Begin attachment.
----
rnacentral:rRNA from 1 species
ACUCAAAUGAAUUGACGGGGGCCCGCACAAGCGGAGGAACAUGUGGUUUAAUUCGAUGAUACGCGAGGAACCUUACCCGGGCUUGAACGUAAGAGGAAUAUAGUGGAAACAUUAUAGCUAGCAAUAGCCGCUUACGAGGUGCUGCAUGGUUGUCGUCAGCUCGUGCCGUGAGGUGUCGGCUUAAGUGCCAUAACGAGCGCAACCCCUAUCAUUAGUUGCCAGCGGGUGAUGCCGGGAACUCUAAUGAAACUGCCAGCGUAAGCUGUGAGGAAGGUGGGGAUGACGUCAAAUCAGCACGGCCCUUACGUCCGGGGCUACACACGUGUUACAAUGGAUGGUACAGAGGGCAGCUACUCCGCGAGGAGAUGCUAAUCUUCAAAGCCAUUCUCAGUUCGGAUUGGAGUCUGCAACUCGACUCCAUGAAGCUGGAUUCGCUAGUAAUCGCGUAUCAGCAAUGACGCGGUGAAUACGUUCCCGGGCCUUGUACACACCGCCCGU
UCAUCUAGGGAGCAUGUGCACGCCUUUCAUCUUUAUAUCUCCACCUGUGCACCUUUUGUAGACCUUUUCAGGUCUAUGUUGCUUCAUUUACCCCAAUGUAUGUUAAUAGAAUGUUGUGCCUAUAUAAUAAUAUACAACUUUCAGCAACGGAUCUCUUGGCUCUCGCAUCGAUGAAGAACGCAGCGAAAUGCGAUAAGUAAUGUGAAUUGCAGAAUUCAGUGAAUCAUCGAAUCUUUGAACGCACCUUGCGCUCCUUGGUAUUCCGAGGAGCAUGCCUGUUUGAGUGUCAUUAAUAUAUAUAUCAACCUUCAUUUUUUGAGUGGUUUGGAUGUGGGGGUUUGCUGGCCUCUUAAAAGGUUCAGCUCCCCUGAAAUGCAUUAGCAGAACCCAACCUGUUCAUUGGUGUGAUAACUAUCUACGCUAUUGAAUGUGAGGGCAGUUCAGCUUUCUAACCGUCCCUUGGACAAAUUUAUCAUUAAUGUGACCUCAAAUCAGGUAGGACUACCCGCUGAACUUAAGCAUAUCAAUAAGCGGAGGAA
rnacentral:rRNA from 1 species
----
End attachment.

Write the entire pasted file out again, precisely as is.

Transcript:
rnacentral:rRNA from 1 species
ACUCAAAUGAAUUGACGGGGGCCCGCACAAGCGGAGGAACAUGUGGUUUAAUUCGAUGAUACGCGAGGAACCUUACCCGGGCUUGAACGUAAGAGGAAUAUAGUGGAAACAUUAUAGCUAGCAAUAGCCGCUUACGAGGUGCUGCAUGGUUGUCGUCAGCUCGUGCCGUGAGGUGUCGGCUUAAGUGCCAUAACGAGCGCAACCCCUAUCAUUAGUUGCCAGCGGGUGAUGCCGGGAACUCUAAUGAAACUGCCAGCGUAAGCUGUGAGGAAGGUGGGGAUGACGUCAAAUCAGCACGGCCCUUACGUCCGGGGCUACACACGUGUUACAAUGGAUGGUACAGAGGGCAGCUACUCCGCGAGGAGAUGCUAAUCUUCAAAGCCAUUCUCAGUUCGGAUUGGAGUCUGCAACUCGACUCCAUGAAGCUGGAUUCGCUAGUAAUCGCGUAUCAGCAAUGACGCGGUGAAUACGUUCCCGGGCCUUGUACACACCGCCCGU
UCAUCUAGGGAGCAUGUGCACGCCUUUCAUCUUUAUAUCUCCACCUGUGCACCUUUUGUAGACCUUUUCAGGUCUAUGUUGCUUCAUUUACCCCAAUGUAUGUUAAUAGAAUGUUGUGCCUAUAUAAUAAUAUACAACUUUCAGCAACGGAUCUCUUGGCUCUCGCAUCGAUGAAGAACGCAGCGAAAUGCGAUAAGUAAUGUGAAUUGCAGAAUUCAGUGAAUCAUCGAAUCUUUGAACGCACCUUGCGCUCCUUGGUAUUCCGAGGAGCAUGCCUGUUUGAGUGUCAUUAAUAUAUAUAUCAACCUUCAUUUUUUGAGUGGUUUGGAUGUGGGGGUUUGCUGGCCUCUUAAAAGGUUCAGCUCCCCUGAAAUGCAUUAGCAGAACCCAACCUGUUCAUUGGUGUGAUAACUAUCUACGCUAUUGAAUGUGAGGGCAGUUCAGCUUUCUAACCGUCCCUUGGACAAAUUUAUCAUUAAUGUGACCUCAAAUCAGGUAGGACUACCCGCUGAACUUAAGCAUAUCAAUAAGCGGAGGAA
rnacentral:rRNA from 1 species